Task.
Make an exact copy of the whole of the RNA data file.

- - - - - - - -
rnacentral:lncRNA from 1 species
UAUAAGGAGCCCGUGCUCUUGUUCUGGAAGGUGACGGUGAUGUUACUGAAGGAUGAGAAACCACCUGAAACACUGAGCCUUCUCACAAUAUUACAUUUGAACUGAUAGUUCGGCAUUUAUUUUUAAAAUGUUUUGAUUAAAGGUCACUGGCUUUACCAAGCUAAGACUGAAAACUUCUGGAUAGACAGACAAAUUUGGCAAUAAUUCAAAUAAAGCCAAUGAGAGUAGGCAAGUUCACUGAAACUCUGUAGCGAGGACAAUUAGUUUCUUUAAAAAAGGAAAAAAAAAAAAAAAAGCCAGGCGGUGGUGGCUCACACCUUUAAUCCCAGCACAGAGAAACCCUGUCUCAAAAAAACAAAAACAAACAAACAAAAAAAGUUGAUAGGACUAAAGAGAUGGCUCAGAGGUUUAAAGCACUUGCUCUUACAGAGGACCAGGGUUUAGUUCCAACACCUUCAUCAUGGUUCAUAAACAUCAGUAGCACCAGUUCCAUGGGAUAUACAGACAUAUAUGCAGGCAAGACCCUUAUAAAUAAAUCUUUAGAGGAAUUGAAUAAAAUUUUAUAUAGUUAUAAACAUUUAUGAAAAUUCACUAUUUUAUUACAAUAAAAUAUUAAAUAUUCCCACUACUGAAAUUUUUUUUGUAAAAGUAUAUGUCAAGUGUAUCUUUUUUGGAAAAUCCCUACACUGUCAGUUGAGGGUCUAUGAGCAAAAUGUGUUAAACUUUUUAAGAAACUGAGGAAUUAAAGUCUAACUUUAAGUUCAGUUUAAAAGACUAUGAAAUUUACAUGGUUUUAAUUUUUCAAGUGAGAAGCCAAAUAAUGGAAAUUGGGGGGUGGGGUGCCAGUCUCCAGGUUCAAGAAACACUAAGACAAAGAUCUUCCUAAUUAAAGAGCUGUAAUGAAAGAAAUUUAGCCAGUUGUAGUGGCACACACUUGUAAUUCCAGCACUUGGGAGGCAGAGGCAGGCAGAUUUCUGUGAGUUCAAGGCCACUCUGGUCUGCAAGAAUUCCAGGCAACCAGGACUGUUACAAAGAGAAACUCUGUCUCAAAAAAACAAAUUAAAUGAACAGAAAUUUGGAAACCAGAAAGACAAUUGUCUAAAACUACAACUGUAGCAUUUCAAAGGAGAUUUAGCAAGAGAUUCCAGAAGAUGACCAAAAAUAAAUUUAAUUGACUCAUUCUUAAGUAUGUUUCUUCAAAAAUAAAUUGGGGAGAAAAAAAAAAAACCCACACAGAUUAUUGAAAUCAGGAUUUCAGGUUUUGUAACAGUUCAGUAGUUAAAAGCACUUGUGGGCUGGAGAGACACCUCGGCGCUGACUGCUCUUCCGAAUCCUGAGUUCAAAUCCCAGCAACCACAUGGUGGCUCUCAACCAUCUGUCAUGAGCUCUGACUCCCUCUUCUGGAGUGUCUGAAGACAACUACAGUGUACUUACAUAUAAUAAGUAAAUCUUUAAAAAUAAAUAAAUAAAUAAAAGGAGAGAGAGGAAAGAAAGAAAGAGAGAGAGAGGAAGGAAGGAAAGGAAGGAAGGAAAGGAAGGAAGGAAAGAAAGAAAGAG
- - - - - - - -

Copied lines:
rnacentral:lncRNA from 1 species
UAUAAGGAGCCCGUGCUCUUGUUCUGGAAGGUGACGGUGAUGUUACUGAAGGAUGAGAAACCACCUGAAACACUGAGCCUUCUCACAAUAUUACAUUUGAACUGAUAGUUCGGCAUUUAUUUUUAAAAUGUUUUGAUUAAAGGUCACUGGCUUUACCAAGCUAAGACUGAAAACUUCUGGAUAGACAGACAAAUUUGGCAAUAAUUCAAAUAAAGCCAAUGAGAGUAGGCAAGUUCACUGAAACUCUGUAGCGAGGACAAUUAGUUUCUUUAAAAAAGGAAAAAAAAAAAAAAAAGCCAGGCGGUGGUGGCUCACACCUUUAAUCCCAGCACAGAGAAACCCUGUCUCAAAAAAACAAAAACAAACAAACAAAAAAAGUUGAUAGGACUAAAGAGAUGGCUCAGAGGUUUAAAGCACUUGCUCUUACAGAGGACCAGGGUUUAGUUCCAACACCUUCAUCAUGGUUCAUAAACAUCAGUAGCACCAGUUCCAUGGGAUAUACAGACAUAUAUGCAGGCAAGACCCUUAUAAAUAAAUCUUUAGAGGAAUUGAAUAAAAUUUUAUAUAGUUAUAAACAUUUAUGAAAAUUCACUAUUUUAUUACAAUAAAAUAUUAAAUAUUCCCACUACUGAAAUUUUUUUUGUAAAAGUAUAUGUCAAGUGUAUCUUUUUUGGAAAAUCCCUACACUGUCAGUUGAGGGUCUAUGAGCAAAAUGUGUUAAACUUUUUAAGAAACUGAGGAAUUAAAGUCUAACUUUAAGUUCAGUUUAAAAGACUAUGAAAUUUACAUGGUUUUAAUUUUUCAAGUGAGAAGCCAAAUAAUGGAAAUUGGGGGGUGGGGUGCCAGUCUCCAGGUUCAAGAAACACUAAGACAAAGAUCUUCCUAAUUAAAGAGCUGUAAUGAAAGAAAUUUAGCCAGUUGUAGUGGCACACACUUGUAAUUCCAGCACUUGGGAGGCAGAGGCAGGCAGAUUUCUGUGAGUUCAAGGCCACUCUGGUCUGCAAGAAUUCCAGGCAACCAGGACUGUUACAAAGAGAAACUCUGUCUCAAAAAAACAAAUUAAAUGAACAGAAAUUUGGAAACCAGAAAGACAAUUGUCUAAAACUACAACUGUAGCAUUUCAAAGGAGAUUUAGCAAGAGAUUCCAGAAGAUGACCAAAAAUAAAUUUAAUUGACUCAUUCUUAAGUAUGUUUCUUCAAAAAUAAAUUGGGGAGAAAAAAAAAAAACCCACACAGAUUAUUGAAAUCAGGAUUUCAGGUUUUGUAACAGUUCAGUAGUUAAAAGCACUUGUGGGCUGGAGAGACACCUCGGCGCUGACUGCUCUUCCGAAUCCUGAGUUCAAAUCCCAGCAACCACAUGGUGGCUCUCAACCAUCUGUCAUGAGCUCUGACUCCCUCUUCUGGAGUGUCUGAAGACAACUACAGUGUACUUACAUAUAAUAAGUAAAUCUUUAAAAAUAAAUAAAUAAAUAAAAGGAGAGAGAGGAAAGAAAGAAAGAGAGAGAGAGGAAGGAAGGAAAGGAAGGAAGGAAAGGAAGGAAGGAAAGAAAGAAAGAG